Yet we're trying to build entire classrooms centered around thinking. Liljedahl often talks about the "closing activities" (consolidation, notetaking, checkyourunderstanding questions) as serving to take the "messy" understanding of the day's learning formed in the thinking groups to a "neat, tidy" understanding that the students own for themselves. In a sense, I think he might say, they complete the learning that took place during the thinking task. There's more work to be done, however. Forgetting will set in quickly, and if we really want to "complete" the learning, retrieval practice is going to be needed. I find that students usually remember the concepts learned in a Thinking Classroom with better probability than they do in a traditional classroom. Figuring out something on your own seems to create a more durable, memorable sort of learning than mimicking does. However, I find that this durability really "seals" after the first round of recall practice. Often times, there is still a certain "messiness," as Liljedahl calls it, to the kids understanding even after the previous day's closing, and the next day's retrieval practice really finishes the job of tidying that up for good. On the flip side, however, since students often create an understanding through that "figuring it out" process that doesn't involve academic vocabulary or mathematical conventions, I find that those need even more recall practice than they do in a traditional setting. Traditionally, I'd lead with vocabulary and conventions and then use them throughout the lesson. But in a Thinking Classroom, vocabulary and conventions come after the concept, simply naming and formalizing what students have figured out for themselves using other language and notation; the bulk of their thinking and work together takes place without knowledge or use of them. Retrieval practice is really the secret sauce that:
How and When Do I Use REcall PRactice In My THinking Classroom?
Personally, I do the bulk of my retrieval practice and spiral reviewing in what my district refers to as "CQI time," which is a period of time each day dedicated to review/intervention/gapfilling. Many schools and districts, I know, have a period of time like this. I do a really, really targeted spiral review during that time that involves:
I try to balance long, worky questions and quick, simple recall questions to make it roughly 10 minutes of individual work. The kids spend 10 minutes working on their own, about 5 minutes reviewing it with their thinking groups, and then 10 minutes reviewing it with me whole group, where I sneak in some additional recall practice and "stretch" questions in our discussion. The last part happens standing and clustered so that it can lead seamlessly into the task launch. I save the question for last that I can use as my "you can already..." example, then transition to the "...so what about..." question that launches the day's thinking tasks. Here's what it looked like on Thursday:
I've figured out how to make the most of the time available to me  both class time and "CQI time" to get in a lot of recall practice. If I didn't have CQI time, I'd have to be pretty crafty about it. I'd probably cut it to 5 minutes, and limit my questions to:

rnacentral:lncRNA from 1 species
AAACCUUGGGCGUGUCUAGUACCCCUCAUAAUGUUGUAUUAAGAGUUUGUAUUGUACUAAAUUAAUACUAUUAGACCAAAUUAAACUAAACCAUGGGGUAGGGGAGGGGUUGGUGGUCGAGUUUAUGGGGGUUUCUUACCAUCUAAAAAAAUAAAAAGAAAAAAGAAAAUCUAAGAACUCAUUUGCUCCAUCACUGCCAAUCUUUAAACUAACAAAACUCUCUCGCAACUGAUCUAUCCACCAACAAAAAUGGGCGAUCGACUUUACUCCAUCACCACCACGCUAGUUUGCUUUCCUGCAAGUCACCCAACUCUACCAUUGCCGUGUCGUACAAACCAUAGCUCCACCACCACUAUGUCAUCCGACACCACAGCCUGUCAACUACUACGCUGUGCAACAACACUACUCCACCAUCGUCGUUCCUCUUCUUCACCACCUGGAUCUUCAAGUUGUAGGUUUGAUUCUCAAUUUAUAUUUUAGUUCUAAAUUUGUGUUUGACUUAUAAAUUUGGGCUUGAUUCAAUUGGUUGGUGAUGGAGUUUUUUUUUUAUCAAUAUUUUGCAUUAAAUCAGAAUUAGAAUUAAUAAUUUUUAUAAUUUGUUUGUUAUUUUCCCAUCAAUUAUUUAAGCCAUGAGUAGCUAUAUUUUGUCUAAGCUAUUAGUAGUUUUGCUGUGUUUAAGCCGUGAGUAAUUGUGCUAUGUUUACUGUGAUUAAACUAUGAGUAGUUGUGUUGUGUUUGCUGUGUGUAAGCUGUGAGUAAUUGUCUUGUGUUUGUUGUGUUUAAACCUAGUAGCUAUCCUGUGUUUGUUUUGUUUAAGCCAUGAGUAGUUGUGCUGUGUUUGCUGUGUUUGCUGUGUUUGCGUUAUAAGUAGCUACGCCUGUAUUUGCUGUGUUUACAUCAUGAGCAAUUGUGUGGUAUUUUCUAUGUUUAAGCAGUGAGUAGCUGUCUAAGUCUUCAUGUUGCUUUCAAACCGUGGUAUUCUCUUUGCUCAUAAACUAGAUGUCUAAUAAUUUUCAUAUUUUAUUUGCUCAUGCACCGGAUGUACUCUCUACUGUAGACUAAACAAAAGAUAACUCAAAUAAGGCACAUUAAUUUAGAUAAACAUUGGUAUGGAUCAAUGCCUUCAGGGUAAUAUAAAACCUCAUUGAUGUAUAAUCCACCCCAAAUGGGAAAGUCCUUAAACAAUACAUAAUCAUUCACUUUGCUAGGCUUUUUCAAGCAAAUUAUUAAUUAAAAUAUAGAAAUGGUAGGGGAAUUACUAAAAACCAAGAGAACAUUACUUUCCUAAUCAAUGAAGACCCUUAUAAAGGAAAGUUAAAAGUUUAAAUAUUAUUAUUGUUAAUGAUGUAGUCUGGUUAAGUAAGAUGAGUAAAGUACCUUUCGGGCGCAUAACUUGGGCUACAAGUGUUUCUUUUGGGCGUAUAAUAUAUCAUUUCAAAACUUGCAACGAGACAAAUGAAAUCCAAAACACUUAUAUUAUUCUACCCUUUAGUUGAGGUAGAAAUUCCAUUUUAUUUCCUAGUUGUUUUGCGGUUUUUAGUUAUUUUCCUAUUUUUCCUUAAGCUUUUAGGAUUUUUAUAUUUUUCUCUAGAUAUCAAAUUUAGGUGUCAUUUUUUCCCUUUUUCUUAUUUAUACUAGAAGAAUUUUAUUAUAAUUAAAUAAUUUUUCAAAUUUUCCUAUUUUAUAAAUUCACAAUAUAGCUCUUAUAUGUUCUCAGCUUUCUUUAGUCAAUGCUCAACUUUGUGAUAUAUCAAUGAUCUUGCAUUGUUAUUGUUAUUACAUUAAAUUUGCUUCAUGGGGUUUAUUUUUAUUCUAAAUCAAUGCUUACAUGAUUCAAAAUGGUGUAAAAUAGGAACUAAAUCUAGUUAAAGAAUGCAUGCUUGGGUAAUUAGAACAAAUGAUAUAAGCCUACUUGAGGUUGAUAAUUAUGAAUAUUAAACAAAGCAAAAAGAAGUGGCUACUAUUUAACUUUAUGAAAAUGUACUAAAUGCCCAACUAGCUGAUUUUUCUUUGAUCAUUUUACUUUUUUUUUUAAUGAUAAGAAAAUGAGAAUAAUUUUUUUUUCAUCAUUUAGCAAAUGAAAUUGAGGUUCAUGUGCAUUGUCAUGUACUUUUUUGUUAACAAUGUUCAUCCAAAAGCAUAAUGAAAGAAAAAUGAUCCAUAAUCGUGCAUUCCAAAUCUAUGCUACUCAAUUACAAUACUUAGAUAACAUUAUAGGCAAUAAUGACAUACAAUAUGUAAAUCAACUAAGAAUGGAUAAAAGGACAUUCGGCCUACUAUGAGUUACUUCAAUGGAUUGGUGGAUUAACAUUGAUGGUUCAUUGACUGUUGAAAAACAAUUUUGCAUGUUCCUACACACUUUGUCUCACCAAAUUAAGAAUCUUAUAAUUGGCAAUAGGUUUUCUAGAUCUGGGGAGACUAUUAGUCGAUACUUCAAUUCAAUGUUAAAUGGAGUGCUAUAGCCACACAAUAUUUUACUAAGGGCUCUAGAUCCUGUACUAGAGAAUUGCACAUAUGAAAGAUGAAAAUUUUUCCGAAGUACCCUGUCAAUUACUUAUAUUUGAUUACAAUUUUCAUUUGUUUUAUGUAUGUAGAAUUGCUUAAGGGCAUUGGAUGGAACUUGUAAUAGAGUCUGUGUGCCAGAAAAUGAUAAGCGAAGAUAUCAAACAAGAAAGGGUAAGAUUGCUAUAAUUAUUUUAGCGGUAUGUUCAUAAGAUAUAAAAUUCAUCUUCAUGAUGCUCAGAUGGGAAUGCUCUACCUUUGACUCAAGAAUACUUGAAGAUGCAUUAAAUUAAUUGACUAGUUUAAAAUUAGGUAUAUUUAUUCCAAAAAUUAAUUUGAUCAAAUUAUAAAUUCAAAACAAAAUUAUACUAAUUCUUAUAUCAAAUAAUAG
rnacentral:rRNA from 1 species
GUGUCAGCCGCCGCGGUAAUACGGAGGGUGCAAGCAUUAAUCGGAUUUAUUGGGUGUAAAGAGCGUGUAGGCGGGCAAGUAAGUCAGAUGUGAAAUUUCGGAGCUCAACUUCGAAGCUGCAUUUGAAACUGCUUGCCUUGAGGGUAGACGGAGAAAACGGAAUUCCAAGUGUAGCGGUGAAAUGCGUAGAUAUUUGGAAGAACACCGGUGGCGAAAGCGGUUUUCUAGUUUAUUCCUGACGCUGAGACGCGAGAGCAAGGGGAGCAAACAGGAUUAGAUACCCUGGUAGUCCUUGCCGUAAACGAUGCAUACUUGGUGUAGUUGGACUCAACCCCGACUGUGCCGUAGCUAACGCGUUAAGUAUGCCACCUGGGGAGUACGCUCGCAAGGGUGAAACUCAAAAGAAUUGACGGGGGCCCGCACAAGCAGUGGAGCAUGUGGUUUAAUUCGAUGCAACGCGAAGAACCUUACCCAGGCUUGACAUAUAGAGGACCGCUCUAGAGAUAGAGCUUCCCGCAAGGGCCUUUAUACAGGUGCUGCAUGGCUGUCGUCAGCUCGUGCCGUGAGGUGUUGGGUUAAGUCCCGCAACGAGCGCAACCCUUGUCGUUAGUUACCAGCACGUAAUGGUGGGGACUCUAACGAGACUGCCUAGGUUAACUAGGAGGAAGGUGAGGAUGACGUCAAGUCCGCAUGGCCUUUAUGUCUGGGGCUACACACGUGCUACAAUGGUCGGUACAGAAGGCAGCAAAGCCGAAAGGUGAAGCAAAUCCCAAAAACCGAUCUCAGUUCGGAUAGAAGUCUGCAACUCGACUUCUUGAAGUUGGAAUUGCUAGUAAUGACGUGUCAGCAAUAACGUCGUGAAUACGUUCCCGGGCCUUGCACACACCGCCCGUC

What Are the Qualities of Good Recall Practice?
The most important quality of good recall practice is merely that it happens at all. It matters more that the kids get the chance than exactly when or how it takes place.
It can be very fast, too. I do a big formal todo each day because I have the time to, but it certainly doesn't need to be that way. For example, if I were shorter on time, I think that asking kids "what IS a greatest common factor and how do you find one?," which is just a few second question, and which is 90% as good as asking "what is the greatest common factor of 36 and 84"  a several minute question. Good recall practice also highlights multiple conditions/situations when possible. For example,
Will REcall Practice Really Help Build A Better THinking Classroom?
Building my Thinking Classroom in Mathematics last year produced countless benefits for my students. I documented them throughout the year and continued to enjoy each new wonderful surprise perk.
One that I ended up being the most impressed with was just how durable the kids' learning seemed to be. When I say "durable," I mean a combination of strong and lasting. The kids sought to understand concepts and processes with more depth than I was ever able to get them to through mimicking (even with a strong commitment to concept depth over procedural routine). It appears as though a relentless commitment to thinking from start to finish in class every day really does produce strong, deep learning. Building a Thinking Classroom deserves all the credit for the improved depth of learning I enjoyed last year, and while I think it played a role in the retention of that learning, recall practice really completes the picture. Think. Close. Recall. It's the icing to the Thinking Classroom's cake.
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About MeI'm an awardwinning teacher in the Atlanta area with experience teaching at every level from elementary school to college. Categories